In March I co-founded and organized a festival around a concept that is dear to my heart. Through the help of a friend, we created the PLAY Acro Festival that included playful activities like AcroYoga, slacklining, and a host of others. People camped over the course of the weekend and dozens recounted life-changing experiences throughout.
And I’m not a part of it anymore. As shocking as it might be, there were many things I’ve learned from co-founding the festival. Many of them would have been virtually unrecognizable before the effort and event, but I am happy to have them now.
1. Dealing with stress
Live events are one of the most stressful things one can do. There is a reason event management is considered one of the most stressful industries behind lawyers and doctors. Throughout the experience, I had to constantly look at the causes for stress in my life and what I was doing to relieve them.
Over and over again, I found that organizing a festival was enough of a challenge in itself, but I had to do everything without any money. I later found out that simple event management software would have made my life 10 times easier, but we were too cash strapped to pay for anything.
In essence, it was stress plus stress, which was too much for me to handle. Despite the meditation, morning walks, and a host of other stress-reducing practices, I have now vowed to never undergo a project that combines stress plus stress in any situation.
2. Organizing people
As surprised friends and family ask why I quit the festival, I explain the many skills I acquired throughout the process. One of these skills was organizing people and the necessary tact that comes with that.
Communication is so important and it is necessary to both empathize and help people with their needs and desires while at the same time being clear and firm in my boundaries. A great tool over the course of this experience was “Radical Honesty” by Brad Blanton, which helped me to recognize and acknowledge my feelings to others.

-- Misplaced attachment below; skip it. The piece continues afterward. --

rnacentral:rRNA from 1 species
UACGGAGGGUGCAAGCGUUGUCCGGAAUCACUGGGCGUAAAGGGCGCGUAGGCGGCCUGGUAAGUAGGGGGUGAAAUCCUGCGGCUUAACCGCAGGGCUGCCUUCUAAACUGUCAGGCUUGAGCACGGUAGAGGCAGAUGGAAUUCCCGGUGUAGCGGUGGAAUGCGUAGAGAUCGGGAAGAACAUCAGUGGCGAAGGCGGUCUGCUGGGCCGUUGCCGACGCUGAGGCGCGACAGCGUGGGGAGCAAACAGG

3. Respecting boundaries
As mentioned above, respecting boundaries was a key part of the festival process. I was so exhausted after the first and second day that I had to retire to the comfort of my friend’s hammock and separate myself from the festivities.
People beckoned for my attention, desired my presence, and needed by help, but on all accounts I had to respect my boundaries and be done with the human interaction for the day. It is something that I have brought into my relationship today to great effect for us both.
4. Nothing goes according to plan
One thing that every live event specialist knows is that nothing goes according to plan. There are few situations that go off without a hitch especially when the event was outdoors and subject to the elements. In many instances, we got lucky, but there were plenty of things that went wrong (or at least not according to plan).
Adapting was a huge part of our success and continues to be a large part of my mentality to this day.
5. Ask for help
To that end, when things were going outside the bounds of our plan, we had to be willing to ask for help. I got more than comfortable asking people for help whether that be in the form of their time, expertise, or even just last minute moral support.
What keeps us from asking for help is a sense that others will not like us as a result. If we come across as needy or weak, they will shy away from spending time with us and we will lose our friends, our relationships, and die alone. The reality is, if we humbly ask for help when we need it, most people are willing to oblige. Those who aren’t may not be the type of people to spend time with anyway.
Suggest a correction